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Opeechee Or The Origin Of The Robin

Source: The Myth Of Hiawatha


An old man had an only son named Opeechee, who had come to that age
which is thought to be most proper to make the long and final fast,
that is to secure through life a guardian genius or spirit. In the
influence of this choice, it is well known, our people have relied for
their prosperity in after life; it was, therefore, an event of deep

The old man was ambitious that his son should surpass all others in
whatever was deemed most wise and great among his tribe; and, to fulfil
his wishes, he thought it necessary that he should fast a much longer
time than any of those persons, renowned for their prowess or wisdom,
whose fame he coveted. He therefore directed his son to prepare, with
great ceremony, for the important event. After he had been in the
sweating lodge and bath several times, he ordered him to lie down upon
a clean mat, in a little lodge expressly prepared for him; telling him,
at the same time, to endure his fast like a man, and that, at the
expiration of twelve days, he should receive food and the blessing of
his father.

The lad carefully observed this injunction, lying with perfect
composure, with his face covered, awaiting those mystic visitations
which were to seal his good or evil fortune. His father visited him
regularly every morning, to encourage him to perseverance, expatiating
at length on the honor and renown that would attend him through life if
he accomplished the full term prescribed. To these admonitions and
encouragements the boy never replied, but lay, without the least sign
of discontent or murmuring, until the ninth day, when he addressed his
father as follows:--

"My father, my dreams forebode evil. May I break my fast now, and at a
more propitious time make a new fast?" The father answered--

"My son, you know not what you ask. If you get up now, all your glory
will depart. Wait patiently a little longer. You have but three days
yet to accomplish your desire. You know it is for your own good, and I
encourage you to persevere."

The son assented; and, covering himself closer, he lay till the
eleventh day, when he repeated his request. Very nearly the same answer
was given him by his father, who added that the next day he would
himself prepare his first meal, and bring it to him. The boy remained
silent, but lay as motionless as a corpse. No one would have known he
was living but by the gentle heaving of his breast.

The next morning, the father, elated at having gained his end, prepared
a repast for his son, and hastened to set it before him. On coming to
the door, he was surprised to hear his son talking to himself. He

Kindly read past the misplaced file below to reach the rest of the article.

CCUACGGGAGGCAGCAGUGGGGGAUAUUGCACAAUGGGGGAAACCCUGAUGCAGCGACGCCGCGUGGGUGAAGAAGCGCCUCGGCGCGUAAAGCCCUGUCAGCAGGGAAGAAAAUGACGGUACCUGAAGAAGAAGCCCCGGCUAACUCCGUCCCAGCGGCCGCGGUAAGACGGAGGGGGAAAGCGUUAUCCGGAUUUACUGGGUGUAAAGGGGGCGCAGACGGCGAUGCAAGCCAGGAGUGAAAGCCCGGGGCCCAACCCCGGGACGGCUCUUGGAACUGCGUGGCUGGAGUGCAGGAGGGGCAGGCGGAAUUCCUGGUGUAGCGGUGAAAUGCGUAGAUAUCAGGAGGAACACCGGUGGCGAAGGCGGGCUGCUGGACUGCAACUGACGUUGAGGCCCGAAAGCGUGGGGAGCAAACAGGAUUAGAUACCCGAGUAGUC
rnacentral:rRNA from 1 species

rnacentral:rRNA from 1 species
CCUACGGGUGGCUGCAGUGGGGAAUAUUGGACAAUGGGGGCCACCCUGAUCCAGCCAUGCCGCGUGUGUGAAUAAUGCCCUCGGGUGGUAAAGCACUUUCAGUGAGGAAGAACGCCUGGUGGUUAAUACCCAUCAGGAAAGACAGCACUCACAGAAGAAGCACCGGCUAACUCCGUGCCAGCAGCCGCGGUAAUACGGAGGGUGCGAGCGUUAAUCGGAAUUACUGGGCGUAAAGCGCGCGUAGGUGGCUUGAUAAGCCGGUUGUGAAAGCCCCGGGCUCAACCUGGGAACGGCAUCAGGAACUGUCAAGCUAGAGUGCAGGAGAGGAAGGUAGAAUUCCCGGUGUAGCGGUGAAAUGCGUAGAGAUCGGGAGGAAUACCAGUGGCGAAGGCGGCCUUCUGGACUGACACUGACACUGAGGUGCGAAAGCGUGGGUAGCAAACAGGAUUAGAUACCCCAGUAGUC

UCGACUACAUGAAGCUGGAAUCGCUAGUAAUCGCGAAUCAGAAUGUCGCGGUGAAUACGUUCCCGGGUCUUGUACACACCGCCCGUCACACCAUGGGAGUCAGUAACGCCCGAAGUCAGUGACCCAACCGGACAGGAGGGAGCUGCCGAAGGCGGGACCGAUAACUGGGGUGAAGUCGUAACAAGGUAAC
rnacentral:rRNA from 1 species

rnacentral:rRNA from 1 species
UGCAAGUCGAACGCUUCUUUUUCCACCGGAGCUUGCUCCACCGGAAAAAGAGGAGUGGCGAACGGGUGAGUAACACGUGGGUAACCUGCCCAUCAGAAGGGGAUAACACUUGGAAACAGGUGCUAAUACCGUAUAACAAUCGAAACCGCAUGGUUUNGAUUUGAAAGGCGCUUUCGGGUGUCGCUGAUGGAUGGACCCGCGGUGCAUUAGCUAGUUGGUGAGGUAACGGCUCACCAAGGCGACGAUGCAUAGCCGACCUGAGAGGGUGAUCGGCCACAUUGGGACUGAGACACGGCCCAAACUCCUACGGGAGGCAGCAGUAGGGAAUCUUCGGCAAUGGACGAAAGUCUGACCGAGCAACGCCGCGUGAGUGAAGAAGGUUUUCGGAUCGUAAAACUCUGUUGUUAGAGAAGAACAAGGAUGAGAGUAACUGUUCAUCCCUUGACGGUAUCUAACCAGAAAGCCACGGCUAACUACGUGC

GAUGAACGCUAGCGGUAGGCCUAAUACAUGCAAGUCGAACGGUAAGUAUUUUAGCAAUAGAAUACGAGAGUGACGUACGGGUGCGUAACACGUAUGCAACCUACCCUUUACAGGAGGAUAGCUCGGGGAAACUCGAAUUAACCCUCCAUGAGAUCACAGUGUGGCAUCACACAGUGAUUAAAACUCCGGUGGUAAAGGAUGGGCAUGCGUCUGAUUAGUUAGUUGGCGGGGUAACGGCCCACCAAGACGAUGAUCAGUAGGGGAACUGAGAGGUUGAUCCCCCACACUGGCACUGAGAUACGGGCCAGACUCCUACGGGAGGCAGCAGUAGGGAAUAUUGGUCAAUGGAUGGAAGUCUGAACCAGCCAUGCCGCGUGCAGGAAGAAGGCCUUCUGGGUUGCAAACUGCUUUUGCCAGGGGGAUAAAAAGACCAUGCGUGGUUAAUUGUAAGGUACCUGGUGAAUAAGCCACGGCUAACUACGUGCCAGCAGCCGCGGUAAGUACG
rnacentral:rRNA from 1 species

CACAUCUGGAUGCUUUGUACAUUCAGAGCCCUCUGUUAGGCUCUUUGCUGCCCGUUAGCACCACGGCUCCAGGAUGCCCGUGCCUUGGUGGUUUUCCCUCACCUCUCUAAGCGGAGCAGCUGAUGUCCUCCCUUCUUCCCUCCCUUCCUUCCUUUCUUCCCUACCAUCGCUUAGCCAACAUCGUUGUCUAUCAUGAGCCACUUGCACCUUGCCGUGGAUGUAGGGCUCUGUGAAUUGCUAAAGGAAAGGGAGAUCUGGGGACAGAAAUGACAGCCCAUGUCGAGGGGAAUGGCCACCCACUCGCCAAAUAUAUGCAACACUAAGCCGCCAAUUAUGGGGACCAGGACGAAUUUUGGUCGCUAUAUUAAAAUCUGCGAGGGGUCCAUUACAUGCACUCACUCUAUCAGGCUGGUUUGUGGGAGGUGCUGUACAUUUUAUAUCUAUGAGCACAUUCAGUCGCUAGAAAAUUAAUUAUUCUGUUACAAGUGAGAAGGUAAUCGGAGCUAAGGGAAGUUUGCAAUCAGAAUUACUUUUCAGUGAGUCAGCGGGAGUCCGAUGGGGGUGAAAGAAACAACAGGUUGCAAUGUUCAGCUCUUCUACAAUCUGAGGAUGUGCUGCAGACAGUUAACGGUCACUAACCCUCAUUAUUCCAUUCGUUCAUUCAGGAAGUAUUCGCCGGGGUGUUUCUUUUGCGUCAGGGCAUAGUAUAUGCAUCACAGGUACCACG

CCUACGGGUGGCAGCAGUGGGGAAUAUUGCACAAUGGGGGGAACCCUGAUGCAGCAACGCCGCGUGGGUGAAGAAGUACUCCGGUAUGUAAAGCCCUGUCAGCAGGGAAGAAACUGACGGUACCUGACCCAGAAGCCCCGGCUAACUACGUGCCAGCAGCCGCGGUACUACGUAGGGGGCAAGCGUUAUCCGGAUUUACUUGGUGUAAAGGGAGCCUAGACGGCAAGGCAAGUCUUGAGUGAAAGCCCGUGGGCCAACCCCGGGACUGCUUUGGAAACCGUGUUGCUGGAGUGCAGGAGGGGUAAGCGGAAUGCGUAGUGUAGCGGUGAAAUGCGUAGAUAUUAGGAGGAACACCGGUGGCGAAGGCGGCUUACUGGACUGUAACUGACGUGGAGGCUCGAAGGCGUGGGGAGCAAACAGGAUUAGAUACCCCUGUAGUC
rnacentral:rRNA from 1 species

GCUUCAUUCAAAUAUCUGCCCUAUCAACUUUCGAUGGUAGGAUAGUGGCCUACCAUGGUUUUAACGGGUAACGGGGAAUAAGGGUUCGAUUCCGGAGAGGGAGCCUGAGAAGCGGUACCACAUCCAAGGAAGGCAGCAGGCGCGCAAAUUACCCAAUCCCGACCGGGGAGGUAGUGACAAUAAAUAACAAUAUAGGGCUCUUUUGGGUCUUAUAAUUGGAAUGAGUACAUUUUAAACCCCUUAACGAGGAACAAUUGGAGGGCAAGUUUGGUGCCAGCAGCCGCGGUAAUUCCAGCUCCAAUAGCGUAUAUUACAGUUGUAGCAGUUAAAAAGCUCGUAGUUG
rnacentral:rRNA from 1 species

stooped to listen; and, looking through a small aperture, was more
astonished when he beheld his son painted with vermilion over all his
breast, and in the act of finishing his work by laying on the paint as
far back on his shoulders as he could reach with his hands, saying, at
the same time, to himself, "My father has destroyed my fortune as a
man. He would not listen to my requests. He will be the loser. I shall
be forever happy in my new state, for I have been obedient to my
parent; he alone will be the sufferer, for my guardian spirit is a just
one; though not propitious to me in the manner I desired, he has shown
me pity in another way; he has given me another shape; and now I must

At this moment the old man broke in, exclaiming, "My son! my son! I
pray you leave me not." But the young man, with the quickness of a
bird, had flown to the top of the lodge, and perched himself on the
highest pole, having been changed into a beautiful robin redbreast.

He looked down upon his father with pity beaming in his eyes, and
addressed him as follows: "Regret not, my father, the change you
behold. I shall be happier in my present state than I could have been
as a man. I shall always be the friend of men, and keep near their
dwellings. I shall ever be happy and contented; and although I could
not gratify your wishes as a warrior, it will be my daily aim to make
you amends for it as a harbinger of peace and joy. I will cheer you by
my songs, and strive to inspire in others the joy and lightsomeness I
feel in my present state. This will be some compensation to you for the
loss of the glory you expected. I am now free from the cares and pains
of human life. My food is spontaneously furnished by the mountains and
fields, and my pathway of life is in the bright air." Then stretching
himself on his toes, as if delighted with the gift of wings, he
carolled one of his sweetest songs, and flew away into a neighboring

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